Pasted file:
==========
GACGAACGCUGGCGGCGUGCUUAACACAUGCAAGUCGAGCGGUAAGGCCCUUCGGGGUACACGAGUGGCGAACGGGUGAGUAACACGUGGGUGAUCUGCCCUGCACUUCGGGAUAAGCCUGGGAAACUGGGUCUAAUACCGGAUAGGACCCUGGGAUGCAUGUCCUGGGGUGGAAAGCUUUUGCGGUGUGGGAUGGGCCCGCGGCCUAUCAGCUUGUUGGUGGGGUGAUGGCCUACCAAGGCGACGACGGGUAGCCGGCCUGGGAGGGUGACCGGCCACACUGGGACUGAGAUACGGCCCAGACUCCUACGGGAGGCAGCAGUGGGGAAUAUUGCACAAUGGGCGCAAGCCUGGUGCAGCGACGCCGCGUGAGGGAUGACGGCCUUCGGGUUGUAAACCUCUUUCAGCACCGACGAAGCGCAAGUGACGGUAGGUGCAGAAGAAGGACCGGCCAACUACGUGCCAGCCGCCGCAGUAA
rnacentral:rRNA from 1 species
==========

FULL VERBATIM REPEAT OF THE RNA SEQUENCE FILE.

GACGAACGCUGGCGGCGUGCUUAACACAUGCAAGUCGAGCGGUAAGGCCCUUCGGGGUACACGAGUGGCGAACGGGUGAGUAACACGUGGGUGAUCUGCCCUGCACUUCGGGAUAAGCCUGGGAAACUGGGUCUAAUACCGGAUAGGACCCUGGGAUGCAUGUCCUGGGGUGGAAAGCUUUUGCGGUGUGGGAUGGGCCCGCGGCCUAUCAGCUUGUUGGUGGGGUGAUGGCCUACCAAGGCGACGACGGGUAGCCGGCCUGGGAGGGUGACCGGCCACACUGGGACUGAGAUACGGCCCAGACUCCUACGGGAGGCAGCAGUGGGGAAUAUUGCACAAUGGGCGCAAGCCUGGUGCAGCGACGCCGCGUGAGGGAUGACGGCCUUCGGGUUGUAAACCUCUUUCAGCACCGACGAAGCGCAAGUGACGGUAGGUGCAGAAGAAGGACCGGCCAACUACGUGCCAGCCGCCGCAGUAA
rnacentral:rRNA from 1 species